Website: http://pamelascanepa.weebly.com

Social media: https://www.facebook.com/pamelacanepablog/ (Author Facebook)

 

Amazon Author site: http://amzn.to/1t3BYGU (Find Pamela’s previously published books)

Goodreads: https://www.goodreads.com/author/show/15166012.Pamela_Schloesser_Canepa

Detours in Time pre-order and buy link: https://www.amazon.com/dp/B0711ZW6XF
Author Pamela Schloesser Canepa is an instructor of Middle School English. She has enjoyed writing for various reasons ever since childhood, when she realized writing and making up stories would provide entertainment for long trips and keep her company. Her tendency toward fantastic stories was reflected in tales of discovering modern day dinosaurs and talking horses that would give her advice. Writing of poetry provided an outlet for private thoughts and emotions for years, until she decided to self-publish fiction in 2016. Pamela’s genres include science fiction, paranormal fiction, and poetry of all types. The “Made for Me” series was Pamela’s first published fiction series. Her first full-length novel, Detours in Time, is being released this summer. Currently, Pamela is working on a sequel to her time travel novel and developing more ideas for the character of Norrie from her Made for Me series.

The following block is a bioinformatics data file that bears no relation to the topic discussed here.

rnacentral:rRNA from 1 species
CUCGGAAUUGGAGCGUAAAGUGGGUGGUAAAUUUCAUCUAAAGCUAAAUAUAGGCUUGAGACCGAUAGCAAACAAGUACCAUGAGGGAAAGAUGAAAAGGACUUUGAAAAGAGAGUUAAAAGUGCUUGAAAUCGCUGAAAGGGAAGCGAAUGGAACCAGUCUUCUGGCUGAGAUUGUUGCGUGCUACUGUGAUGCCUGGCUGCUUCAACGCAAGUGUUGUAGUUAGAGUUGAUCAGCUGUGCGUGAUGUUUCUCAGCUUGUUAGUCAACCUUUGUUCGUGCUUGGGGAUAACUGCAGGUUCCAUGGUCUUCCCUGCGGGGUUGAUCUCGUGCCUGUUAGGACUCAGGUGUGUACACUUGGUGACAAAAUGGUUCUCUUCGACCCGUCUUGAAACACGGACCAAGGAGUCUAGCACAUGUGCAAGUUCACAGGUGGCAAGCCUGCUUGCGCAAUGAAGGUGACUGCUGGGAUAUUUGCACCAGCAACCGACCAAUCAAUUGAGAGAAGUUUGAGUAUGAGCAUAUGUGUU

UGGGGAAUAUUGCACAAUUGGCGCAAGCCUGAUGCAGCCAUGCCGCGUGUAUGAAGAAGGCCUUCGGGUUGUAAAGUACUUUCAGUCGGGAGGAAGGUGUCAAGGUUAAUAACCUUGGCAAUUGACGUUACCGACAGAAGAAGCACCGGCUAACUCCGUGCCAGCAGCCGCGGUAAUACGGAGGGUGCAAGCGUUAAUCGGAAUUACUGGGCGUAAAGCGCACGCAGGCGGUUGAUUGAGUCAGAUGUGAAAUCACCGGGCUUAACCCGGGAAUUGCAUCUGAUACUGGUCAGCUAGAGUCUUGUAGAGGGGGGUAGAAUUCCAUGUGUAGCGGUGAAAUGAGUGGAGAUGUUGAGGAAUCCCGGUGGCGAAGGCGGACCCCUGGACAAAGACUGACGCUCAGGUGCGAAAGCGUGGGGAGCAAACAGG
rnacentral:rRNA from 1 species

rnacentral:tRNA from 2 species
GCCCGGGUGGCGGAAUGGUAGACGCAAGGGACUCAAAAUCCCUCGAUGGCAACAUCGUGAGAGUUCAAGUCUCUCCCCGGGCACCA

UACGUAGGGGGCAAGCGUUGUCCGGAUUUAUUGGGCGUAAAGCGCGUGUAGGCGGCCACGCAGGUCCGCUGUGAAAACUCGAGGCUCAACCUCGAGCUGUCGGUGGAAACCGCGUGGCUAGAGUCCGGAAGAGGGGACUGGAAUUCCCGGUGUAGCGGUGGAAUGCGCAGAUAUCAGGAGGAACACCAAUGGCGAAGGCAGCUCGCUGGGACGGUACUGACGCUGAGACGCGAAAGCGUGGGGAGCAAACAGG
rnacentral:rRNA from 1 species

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How to Edit Old Story Ideas: The Delete Key Is Not Your Friend

How to Edit Your Writing

 

About six years ago, maybe more, I started writing a short story about a retail cashier dealing with the back-to-school rush at her store. Yeah, that was inspired by my own time in hell, er, retail, which was especially awful during back-to-school because the store was flooded with bratty kids trashing the store.

Don’t get me wrong, I don’t have a problem with kids. I have a problem with parents who refuse the discipline their kids. When I was little, if I pulled something off a shelf in a store, my parents told me to put it back, where it went, and neatly, because it wasn’t fair to leave a mess for someone else. And then they stood there and made sure I did it. Probably one of the few things they were right about, and that’s a very short list.